Pharmacodynamic Characterization of NVP-LMB415 against Haemophilus Influenzae in an In Vitro Hollow-Fiber System
Purpose: NVP-LBM415 is a peptide deformylase inhibitor with in vitro activity against those pathogens commonly associated with community-acquired respiratory tract infections. The purpose of these studies was to determine which pharmacokinetic-pharmacodynamic (PK-PD) measure is most strongly associated with drug response and to examine the relationship between drug exposure and response for NVP-LMB415 against Haemophilus influenzae.
Methods: Two wild-type H. influenzae strains (MIC 2 and 8 μg/mL) were studied. The hollow-fiber system was inoculated with approximately 107-8 CFU/mL in log-phase growth. Simulating human pharmacokinetics (t½ = 2 hours), bacteria were exposed to escalating free drug NVP-LMB415 exposures (AUC ranging from 0 to 200 μg⋅h/L) using a dose fractionation study design and delivering drug every 12 hours, every 24 hours, and by continuous infusion. Serial samples were collected to determine bacterial counts (CFU/mL) and drug concentrations. Drug effect was quantified as the log10 ratio of the 24-hour area under the bacterial growth/kill curves for drug and growth control (log10 ratio = log10 AUCdrug/AUCgrowth control).
Results: Overall, the greatest activity (at 6x MIC) was seen with the continuous infusion regimen (continuous infusion > q12 hours >> q24 hours). Due to the short half-life, dosing q24 hours yielded no net kill compared to baseline. Neither time above MIC, AUC:MIC ratio, nor peak:MIC ratio could co-model the q12 hour and q24 hour regimens with continuous infusion results. Separating these into 2 datasets (q12 plus q24 versus continuous infusion), only the AUC:MIC ratio could adequately describe the continuous infusion results (Emax log10 ratio of -2 at an AUC:MIC ratio ≥ 50). The q12 plus q24 dataset was reasonably fit by the AUC:MIC ratio and percent time above MIC (Emax log10 ratio of -2 to -3 at an AUC:MIC ratio ≥ 120 and percent time above MIC of 50% to 60%, respectively). The peak:MIC ratio was not informative.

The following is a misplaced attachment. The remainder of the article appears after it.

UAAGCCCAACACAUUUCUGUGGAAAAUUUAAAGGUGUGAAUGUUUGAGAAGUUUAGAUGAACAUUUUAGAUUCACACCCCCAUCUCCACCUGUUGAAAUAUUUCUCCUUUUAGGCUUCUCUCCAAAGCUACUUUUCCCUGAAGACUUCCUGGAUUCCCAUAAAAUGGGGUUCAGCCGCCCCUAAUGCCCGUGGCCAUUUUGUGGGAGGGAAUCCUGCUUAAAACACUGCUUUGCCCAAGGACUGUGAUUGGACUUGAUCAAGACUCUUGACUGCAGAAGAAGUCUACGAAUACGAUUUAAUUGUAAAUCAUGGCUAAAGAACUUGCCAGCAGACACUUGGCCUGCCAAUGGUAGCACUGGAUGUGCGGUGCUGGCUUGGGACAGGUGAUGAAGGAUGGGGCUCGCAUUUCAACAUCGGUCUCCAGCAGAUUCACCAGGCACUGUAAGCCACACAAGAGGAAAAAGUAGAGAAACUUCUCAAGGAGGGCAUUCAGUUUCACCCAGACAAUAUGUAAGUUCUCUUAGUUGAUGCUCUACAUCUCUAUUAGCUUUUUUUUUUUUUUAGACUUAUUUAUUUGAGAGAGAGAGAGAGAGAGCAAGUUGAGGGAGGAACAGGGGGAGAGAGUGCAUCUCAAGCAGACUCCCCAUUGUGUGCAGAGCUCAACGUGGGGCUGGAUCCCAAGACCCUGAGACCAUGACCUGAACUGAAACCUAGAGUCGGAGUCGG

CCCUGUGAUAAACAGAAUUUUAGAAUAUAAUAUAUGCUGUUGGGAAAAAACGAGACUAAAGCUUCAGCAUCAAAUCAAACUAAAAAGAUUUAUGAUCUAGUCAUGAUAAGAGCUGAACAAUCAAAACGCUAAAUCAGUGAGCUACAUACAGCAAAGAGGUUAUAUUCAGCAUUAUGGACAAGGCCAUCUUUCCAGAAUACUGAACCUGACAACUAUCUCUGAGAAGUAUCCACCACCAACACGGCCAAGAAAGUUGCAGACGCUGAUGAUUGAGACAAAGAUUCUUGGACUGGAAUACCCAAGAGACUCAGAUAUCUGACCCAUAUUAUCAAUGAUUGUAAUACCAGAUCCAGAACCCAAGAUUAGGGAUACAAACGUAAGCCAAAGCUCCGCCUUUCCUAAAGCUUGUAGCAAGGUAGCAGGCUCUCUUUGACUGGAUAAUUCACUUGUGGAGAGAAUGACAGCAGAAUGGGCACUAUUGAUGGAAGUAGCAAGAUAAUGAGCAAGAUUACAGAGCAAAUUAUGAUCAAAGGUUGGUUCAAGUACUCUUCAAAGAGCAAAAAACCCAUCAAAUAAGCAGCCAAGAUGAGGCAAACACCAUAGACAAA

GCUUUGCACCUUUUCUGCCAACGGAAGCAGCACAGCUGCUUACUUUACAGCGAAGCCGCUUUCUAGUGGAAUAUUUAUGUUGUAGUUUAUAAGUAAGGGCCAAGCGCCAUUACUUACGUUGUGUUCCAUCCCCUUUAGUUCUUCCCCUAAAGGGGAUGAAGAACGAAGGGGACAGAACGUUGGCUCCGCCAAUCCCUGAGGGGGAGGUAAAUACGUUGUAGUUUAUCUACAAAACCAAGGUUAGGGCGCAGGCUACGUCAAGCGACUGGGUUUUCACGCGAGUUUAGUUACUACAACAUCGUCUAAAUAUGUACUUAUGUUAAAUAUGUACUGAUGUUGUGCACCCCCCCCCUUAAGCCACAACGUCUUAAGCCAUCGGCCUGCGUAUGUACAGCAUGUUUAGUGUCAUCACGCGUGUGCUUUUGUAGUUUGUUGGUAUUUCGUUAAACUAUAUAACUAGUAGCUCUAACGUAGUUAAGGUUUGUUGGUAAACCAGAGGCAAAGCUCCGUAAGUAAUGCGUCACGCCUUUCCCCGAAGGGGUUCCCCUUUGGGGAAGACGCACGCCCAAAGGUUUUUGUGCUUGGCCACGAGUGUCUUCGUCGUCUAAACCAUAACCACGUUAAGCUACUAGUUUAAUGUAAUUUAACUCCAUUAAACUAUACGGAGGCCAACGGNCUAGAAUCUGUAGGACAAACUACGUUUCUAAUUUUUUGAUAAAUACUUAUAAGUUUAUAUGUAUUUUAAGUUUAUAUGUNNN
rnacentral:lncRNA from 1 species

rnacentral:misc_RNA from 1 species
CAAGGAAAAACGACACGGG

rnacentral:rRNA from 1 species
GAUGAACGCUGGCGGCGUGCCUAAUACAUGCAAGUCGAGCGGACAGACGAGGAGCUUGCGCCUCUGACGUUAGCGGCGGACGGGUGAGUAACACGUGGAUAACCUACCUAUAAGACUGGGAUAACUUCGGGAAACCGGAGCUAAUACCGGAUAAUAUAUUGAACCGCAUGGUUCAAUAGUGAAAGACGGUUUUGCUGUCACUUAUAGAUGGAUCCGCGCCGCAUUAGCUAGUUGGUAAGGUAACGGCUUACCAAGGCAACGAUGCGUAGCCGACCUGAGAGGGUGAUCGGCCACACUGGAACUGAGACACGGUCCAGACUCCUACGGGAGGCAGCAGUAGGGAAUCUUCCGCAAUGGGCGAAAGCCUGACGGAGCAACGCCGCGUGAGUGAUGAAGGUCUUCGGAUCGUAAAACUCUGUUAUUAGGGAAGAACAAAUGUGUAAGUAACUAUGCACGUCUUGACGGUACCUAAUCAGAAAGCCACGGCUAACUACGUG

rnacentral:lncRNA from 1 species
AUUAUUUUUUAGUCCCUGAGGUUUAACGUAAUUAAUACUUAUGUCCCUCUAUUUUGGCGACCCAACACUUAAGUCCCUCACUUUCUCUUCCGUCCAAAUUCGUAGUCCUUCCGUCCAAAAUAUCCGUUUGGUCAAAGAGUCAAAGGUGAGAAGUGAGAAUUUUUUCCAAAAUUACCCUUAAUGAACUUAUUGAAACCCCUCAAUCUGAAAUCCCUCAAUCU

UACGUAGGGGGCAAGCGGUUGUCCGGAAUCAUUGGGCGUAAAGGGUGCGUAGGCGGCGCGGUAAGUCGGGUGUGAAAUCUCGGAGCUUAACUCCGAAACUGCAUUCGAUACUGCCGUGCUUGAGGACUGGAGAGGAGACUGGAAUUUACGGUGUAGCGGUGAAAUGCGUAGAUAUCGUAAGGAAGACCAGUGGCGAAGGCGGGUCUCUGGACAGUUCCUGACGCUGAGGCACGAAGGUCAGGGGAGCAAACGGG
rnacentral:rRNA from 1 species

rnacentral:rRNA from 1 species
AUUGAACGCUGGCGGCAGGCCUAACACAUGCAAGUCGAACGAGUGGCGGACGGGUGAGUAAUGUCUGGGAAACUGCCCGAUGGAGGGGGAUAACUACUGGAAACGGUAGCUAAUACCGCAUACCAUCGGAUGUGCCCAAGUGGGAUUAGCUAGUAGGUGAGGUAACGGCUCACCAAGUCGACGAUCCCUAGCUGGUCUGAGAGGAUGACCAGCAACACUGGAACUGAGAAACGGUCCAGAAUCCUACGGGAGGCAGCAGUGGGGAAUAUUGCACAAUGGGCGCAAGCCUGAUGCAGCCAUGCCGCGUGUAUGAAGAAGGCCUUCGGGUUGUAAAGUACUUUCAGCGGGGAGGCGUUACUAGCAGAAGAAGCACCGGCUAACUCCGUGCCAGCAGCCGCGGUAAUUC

Conclusions: For intermittent dosing regimens, percent time above MIC and the AUC:MIC ratio adequately described drug response. Percent time above MIC and the AUC:MIC ratio associated with maximal decline were ≥ 50% to 60% and ≥ 120, respectively. Continuous infusion regimens could not be co-modeled with intermittent regimens, suggesting that neither percent time above MIC nor the AUC:MIC ratio completely described drug effect. Drug effect continued to increase beyond 100% time above MIC. Every 12 hour dosing had more effect than every 24 hour dosing, and would probably be an effective NVP-LBM415 regimen in humans for H. influenzae.
European Congress of Clinical Microbiology and Infectious Disease (ECCMID), Copenhagen, Denmark, April 2005
By Alison K. Meagher, Patrick F. Smith, Alan Forrest, Abayomi Ogundele, Paul G. Ambrose